Blame the Legos

Posted from Culver City, California at 8:41 pm, November 17th, 2011

I like the idea of building things – when I was a kid I spent hundreds of hours with Legos, in college I studied engineering, and today I waste inordinate amounts of time reading about ongoing engineering projects. Thus, because I think it’s interesting, and because I know that my mom will still love me even if everyone else is chased away by these geeky journal entries, here’s a rundown of some of the cooler projects going on today:

  • Electric Cars. Partly because of my old roommate I’ve been a follower of Tesla Motors since the beginning, but even without a personal connection it’s hard not to be excited about electric vehicles. The internal combustion engine hasn’t really changed much in 100 years, but in the next ten years a system that is smaller, more efficient, and requires far less maintenance will be a viable option. As batteries continue to improve it’s not inconceivable that we could eventually see cars that get a thousand miles to a charge, making today’s concerns about charging times and running out of electricity a non-factor and causing future generations to wonder why we were willing to deal with tailpipe emissions, gas stations, oil changes, and noisy motors.
  • The Bay Bridge East Span. Caveat: building a huge bridge with so many stakeholders is a recipe for massive cost overruns, as this project showed. Still, once a design was approved and lawsuits had run their course (the project was proposed twenty-two years ago in 1989) the new eastern span of the Bay Bridge ended up being an impressive feat of engineering. Opening in 2013 at a cost of $6.3 billion, this bridge will be two miles long, carry 270,000 cars a day, be capable of withstanding a magnitude 8.5 earthquake, last 150 years, and will be beautiful as well. Despite the crappy process that was required to actually get this bridge built, the end result is pretty spectacular.
  • New airplanes. The Boeing 787 just entered service after four years of delays, and while it may not look much different from today’s planes it’s hugely interesting under-the-hood: instead of aluminum much of the structure is carbon composites, it’s twenty percent more fuel efficient than its predecessor, and a variety of technical tweaks have gone into making it quieter and better at dealing with turbulence. The just-announced 737-MAX is a less-ambitious replacement for Boeing’s most popular model, with a planned fifteen percent improvement in fuel efficiency (amongst other changes) and a scheduled entry into service in 2017.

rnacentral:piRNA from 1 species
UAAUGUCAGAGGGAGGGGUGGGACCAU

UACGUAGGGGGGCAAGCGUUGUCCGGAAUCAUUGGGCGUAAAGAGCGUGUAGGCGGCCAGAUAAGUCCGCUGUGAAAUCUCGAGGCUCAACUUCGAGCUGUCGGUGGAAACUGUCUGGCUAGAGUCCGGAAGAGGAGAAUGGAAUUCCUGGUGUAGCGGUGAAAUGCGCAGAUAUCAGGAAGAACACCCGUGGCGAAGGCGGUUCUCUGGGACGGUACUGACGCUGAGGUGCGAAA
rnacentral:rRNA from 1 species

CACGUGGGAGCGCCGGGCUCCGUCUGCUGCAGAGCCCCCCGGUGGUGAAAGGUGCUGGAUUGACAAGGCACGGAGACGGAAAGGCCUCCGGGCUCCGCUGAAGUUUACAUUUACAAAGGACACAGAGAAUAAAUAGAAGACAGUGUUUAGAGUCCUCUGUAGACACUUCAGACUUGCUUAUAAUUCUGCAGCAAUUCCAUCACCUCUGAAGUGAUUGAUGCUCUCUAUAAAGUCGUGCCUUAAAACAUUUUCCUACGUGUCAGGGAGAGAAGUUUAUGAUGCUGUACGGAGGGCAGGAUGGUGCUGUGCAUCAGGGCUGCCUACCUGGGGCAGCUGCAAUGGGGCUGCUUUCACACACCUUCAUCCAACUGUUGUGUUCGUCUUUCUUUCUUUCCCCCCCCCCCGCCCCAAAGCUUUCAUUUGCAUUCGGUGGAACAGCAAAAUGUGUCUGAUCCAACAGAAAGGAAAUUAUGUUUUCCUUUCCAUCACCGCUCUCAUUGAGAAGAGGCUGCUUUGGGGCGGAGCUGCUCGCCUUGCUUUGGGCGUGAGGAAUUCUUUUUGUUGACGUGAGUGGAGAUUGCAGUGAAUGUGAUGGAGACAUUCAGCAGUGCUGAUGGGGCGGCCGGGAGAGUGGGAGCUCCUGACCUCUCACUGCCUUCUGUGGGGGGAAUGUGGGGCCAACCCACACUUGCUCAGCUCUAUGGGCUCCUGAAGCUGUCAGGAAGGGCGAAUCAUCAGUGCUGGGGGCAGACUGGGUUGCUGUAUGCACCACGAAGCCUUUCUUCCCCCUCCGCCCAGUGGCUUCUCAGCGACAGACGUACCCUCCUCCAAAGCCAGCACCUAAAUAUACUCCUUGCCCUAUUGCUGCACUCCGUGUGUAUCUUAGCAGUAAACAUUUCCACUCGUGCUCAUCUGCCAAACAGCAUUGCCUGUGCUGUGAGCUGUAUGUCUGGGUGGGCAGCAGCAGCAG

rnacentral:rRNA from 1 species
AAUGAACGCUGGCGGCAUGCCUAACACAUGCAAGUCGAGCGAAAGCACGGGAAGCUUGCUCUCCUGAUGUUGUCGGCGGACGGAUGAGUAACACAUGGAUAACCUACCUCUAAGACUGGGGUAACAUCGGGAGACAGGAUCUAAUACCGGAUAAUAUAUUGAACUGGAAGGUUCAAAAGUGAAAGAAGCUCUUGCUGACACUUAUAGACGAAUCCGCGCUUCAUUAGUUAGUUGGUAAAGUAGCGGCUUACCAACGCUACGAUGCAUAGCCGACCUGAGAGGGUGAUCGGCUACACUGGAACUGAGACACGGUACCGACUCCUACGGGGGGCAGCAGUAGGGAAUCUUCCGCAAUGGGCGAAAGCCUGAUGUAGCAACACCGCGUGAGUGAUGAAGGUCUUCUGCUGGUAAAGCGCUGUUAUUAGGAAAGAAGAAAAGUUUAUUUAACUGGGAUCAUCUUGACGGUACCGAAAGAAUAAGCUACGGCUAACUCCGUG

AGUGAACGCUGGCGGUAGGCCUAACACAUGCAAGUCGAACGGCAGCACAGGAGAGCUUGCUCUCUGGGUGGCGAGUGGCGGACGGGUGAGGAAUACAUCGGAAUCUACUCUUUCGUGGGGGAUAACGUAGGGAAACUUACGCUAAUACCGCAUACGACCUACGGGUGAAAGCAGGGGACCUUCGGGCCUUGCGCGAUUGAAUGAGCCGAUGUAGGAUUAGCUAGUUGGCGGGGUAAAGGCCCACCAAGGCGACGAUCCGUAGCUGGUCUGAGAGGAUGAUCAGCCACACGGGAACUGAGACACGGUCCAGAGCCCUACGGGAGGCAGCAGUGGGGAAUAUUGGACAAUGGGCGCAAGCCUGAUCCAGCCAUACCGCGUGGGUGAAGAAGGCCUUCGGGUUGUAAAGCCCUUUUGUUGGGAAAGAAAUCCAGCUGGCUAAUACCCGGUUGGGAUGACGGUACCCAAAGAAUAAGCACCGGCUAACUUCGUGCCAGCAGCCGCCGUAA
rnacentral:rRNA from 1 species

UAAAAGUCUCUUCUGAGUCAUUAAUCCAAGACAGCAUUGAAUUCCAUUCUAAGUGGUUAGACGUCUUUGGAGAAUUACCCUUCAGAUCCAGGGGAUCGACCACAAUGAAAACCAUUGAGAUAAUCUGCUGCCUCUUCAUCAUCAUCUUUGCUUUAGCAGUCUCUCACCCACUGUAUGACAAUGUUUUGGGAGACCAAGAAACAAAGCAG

• California High Speed Rail. While I’ll admit a fair amount of disappointment at how this project has been managed, the idea behind 220 mph trains linking California’s major cities is one that is about thirty years overdue. With new highways running between $2 and $16 million per lane-mile and road and airport congestion on the rise, high-speed passenger rail seems like an obvious solution, and one that the rest of the world is already implementing successfully. Hopefully California can get its act together and follow suit.
  • The Transbay Center. The Bay Area does a fairly good job with mass transit, but unlike New York City’s Grand Central Station there isn’t really a central transit hub. That changes in 2017 when a new terminal will open linking BART, MUNI, Caltrain, buses and (hopefully) high-speed rail.
  • Renewable Energy. While sadly the subject of renewable energy has become politicized of late, behind the scenes the technology has gotten really, really interesting. Solar is at the point where even without subsidies it is economically competitive in areas with a lot of sun, and with efficiency continuing to improve one can imagine a future where rooftop solar installations de-centralize the power grid, causing less need for huge central power plants. There are wind turbine models that generate as much as five megawatts, orders of magnitude more than those built in the 1980s, and that power is produced at about one-fourth of the cost of those older turbines. Similarly, energy efficiency is something to be impressed by: looking at just one example, flat screen TVs today use sixty percent less power than those manufactured in 2006.
  • Space. NASA estimates that its next-generation rocket system will cost $97 billion. For about $800 million SpaceX has already built and launched two rocket models, with a third (the Falcon Heavy) planned for testing in 2013. SpaceX’s Falcon-9 rocket is already capable of delivering cargo to the space station, and if successful the Falcon Heavy would be the most powerful rocket since the Saturn V moon rocket. There’s no guarantee that SpaceX will be successful or that their costs won’t increase, but it’s nevertheless exciting to see the future of space returning to something more like what everyone imagined it would be back when America was putting men on the moon forty years ago.

Leave a Reply